Which is not the same thing at all.
E.g. "what's the best book?" - people will vote up the books they've read. This might be useful but won't answer the (possibly unanswerable) question "what's the best book".
Does this even matter?
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I guess it doesn't really answer the question. Just the word "best" brings out the competition.
If the question was worded "list an OK book you like reading" for example, I would imagine it would die like a limp fish.
The "best" is ultimately a subjective question, and its befitting that SO leaves it formatted to form a subjective answer. ( the little votes don't mean a lot, and the question poster choosing an answer is by no means unbiased )
Stack OVerflow IS ONLY about popularity. The please don't discuss format discourages the consensus building that'd be needed to arrive at a reasonably good "best" answer to a non trivial question.
And this also happens for questions that aren't asking the "best" something...
That is why it'll probably never answer really hard questions, but that's not its aim, so it's all good.
Reputation should be at least based on the size of a community.
Say you were a c# and f# (or java and scala) developer. Your brilliant f# answers will not count as much as your lousy c# answers because there are not too many people interested in f#.
I would like to see reputation based on a tag. “This guy's reputation is x from f# and y from c#.” The answer could be a normalized value per tag: reputation from tag / max reputation for tag for all users (the best f# guy). This can answer the question if someone is the f# specialist or not independently of the size of community. There will be some obscure results for new or marginal tags so there should be some threshold.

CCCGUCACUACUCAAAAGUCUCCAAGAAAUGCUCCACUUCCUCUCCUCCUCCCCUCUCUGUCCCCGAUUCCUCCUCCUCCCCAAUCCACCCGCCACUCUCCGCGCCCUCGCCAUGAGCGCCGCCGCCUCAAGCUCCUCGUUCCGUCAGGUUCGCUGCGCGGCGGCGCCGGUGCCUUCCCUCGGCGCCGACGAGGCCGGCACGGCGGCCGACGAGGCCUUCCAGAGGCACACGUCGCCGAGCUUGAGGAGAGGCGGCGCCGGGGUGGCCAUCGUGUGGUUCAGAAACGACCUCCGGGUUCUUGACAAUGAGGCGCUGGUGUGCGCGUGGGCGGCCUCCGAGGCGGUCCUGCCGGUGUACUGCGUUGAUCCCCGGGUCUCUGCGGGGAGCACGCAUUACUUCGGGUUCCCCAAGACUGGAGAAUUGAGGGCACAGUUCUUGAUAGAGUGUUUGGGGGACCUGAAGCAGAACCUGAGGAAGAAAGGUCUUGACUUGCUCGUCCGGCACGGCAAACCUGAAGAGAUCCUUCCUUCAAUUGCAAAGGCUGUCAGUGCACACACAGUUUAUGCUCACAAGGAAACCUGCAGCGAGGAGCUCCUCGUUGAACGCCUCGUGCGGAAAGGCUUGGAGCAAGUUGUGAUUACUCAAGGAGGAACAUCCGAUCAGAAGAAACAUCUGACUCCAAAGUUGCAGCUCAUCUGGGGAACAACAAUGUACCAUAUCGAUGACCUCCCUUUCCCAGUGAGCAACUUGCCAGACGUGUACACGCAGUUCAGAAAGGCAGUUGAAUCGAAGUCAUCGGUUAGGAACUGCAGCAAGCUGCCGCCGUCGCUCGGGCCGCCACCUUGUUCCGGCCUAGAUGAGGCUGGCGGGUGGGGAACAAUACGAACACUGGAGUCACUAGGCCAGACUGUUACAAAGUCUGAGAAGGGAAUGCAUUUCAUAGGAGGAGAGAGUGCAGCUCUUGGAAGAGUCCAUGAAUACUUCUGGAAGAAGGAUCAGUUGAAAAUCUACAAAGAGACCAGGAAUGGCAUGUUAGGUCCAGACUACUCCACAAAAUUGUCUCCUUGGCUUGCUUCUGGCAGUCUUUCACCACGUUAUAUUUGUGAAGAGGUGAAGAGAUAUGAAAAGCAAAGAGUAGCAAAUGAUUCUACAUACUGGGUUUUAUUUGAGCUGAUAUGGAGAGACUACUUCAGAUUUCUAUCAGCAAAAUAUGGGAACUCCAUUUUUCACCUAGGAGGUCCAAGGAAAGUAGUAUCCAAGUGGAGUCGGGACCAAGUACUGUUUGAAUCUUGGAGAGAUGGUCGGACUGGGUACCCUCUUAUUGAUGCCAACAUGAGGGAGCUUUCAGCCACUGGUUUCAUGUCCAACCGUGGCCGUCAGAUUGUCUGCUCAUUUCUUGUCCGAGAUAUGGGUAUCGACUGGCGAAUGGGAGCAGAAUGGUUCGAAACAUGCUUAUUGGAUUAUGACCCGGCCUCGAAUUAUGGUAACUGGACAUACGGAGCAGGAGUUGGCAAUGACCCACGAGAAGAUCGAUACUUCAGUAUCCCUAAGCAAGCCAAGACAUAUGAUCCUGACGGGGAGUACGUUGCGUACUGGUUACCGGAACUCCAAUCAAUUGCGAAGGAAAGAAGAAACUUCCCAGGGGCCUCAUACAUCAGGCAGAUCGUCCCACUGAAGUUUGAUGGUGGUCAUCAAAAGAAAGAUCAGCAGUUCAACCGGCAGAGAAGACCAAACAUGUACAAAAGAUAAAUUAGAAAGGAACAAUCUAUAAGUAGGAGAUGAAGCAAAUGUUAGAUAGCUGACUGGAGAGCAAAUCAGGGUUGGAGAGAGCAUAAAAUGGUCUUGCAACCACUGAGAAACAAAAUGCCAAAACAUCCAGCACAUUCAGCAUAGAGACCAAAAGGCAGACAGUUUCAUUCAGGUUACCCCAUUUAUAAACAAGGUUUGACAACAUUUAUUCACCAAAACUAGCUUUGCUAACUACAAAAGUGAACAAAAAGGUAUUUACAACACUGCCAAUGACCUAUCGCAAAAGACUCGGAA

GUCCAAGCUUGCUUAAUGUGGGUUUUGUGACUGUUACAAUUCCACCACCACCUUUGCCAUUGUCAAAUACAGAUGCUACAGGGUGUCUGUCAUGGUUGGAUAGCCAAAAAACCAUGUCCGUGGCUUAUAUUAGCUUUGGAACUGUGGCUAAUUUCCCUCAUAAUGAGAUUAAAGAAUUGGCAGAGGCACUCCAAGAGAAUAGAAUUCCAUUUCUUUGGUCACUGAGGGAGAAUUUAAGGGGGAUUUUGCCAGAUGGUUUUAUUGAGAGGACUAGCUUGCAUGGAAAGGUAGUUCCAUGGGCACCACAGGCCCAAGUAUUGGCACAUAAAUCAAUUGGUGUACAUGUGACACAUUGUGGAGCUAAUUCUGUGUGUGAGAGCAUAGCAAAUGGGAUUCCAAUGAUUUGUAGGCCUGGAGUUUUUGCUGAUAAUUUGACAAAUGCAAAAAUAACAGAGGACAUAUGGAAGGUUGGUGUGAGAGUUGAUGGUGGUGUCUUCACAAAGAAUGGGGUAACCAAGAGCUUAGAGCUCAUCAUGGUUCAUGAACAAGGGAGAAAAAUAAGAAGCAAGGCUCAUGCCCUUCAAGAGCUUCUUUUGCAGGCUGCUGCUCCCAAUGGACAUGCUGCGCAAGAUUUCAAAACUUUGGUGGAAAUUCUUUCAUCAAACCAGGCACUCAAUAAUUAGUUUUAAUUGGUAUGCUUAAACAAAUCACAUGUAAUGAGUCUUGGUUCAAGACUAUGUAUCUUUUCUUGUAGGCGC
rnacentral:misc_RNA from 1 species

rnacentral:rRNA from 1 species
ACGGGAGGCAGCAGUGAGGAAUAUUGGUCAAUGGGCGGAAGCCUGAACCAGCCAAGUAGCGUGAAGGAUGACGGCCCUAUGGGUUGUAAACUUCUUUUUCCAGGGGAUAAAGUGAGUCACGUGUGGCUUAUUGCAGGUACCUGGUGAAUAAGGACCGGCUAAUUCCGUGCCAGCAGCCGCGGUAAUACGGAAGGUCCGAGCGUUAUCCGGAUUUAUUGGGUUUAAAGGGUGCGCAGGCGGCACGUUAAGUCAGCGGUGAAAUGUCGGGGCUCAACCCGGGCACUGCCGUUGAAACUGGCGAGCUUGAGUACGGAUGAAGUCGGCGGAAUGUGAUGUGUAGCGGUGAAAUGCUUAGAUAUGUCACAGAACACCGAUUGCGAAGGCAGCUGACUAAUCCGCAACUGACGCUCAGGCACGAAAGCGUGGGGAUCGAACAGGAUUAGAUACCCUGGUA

The harder question is to normalize reputation globally. It could be sum(normalized reputation per tag). I'm not sure if this would bring enough extra value. The world is not fair why should stackoverflow be fair? (Chances are that you know Britney Spears but never heart of Maria Callas.)
Code Complete is very popular answer to "what's the best book" question. That does not mean that people didn't read other books. They did, and they choose CC. In some degree, such opinion can be valuable. If someone who didn't read CC sees that so many people chosen it as a best book, he could take interest in this book.
I agree that it should be "favorite" instead of "best". I'm also one of those who believes that developers want to know what other developers are thinking, what their likes and dislikes are, what their opinions are, etc.
This site was designed to provide definitive answers to definitive questions. Questions about "favorites" are too subjective to have a definitive answer. Some people on SO think that such questions should be disallowed. They go about and close such questions, often commenting that they are "subjective and argumentative". I call these people grannies, and I think they're missing the boat.
I think the immense popularity of subjective questions shows that it would be a terrible mistake to disallow them. Instead, StackOverflow must adapt to subjective questions by allowing them to be formally marked as such, and altering the reputation system to reflect that. (I think subjective questions should provide rep, particularly if they engender a lot of discussion, but I think the system should be a bit different for them. Exactly how I don't know.)
Well yes, but generally people have a reason for picking one over an other option. And if 90% of people prefer x to y, then generally x is better for y, at least for 90% of users.
Sometimes people cry "popularity contest" when really there are actually good reasons (speed, amount of features, learning curve) for the choices made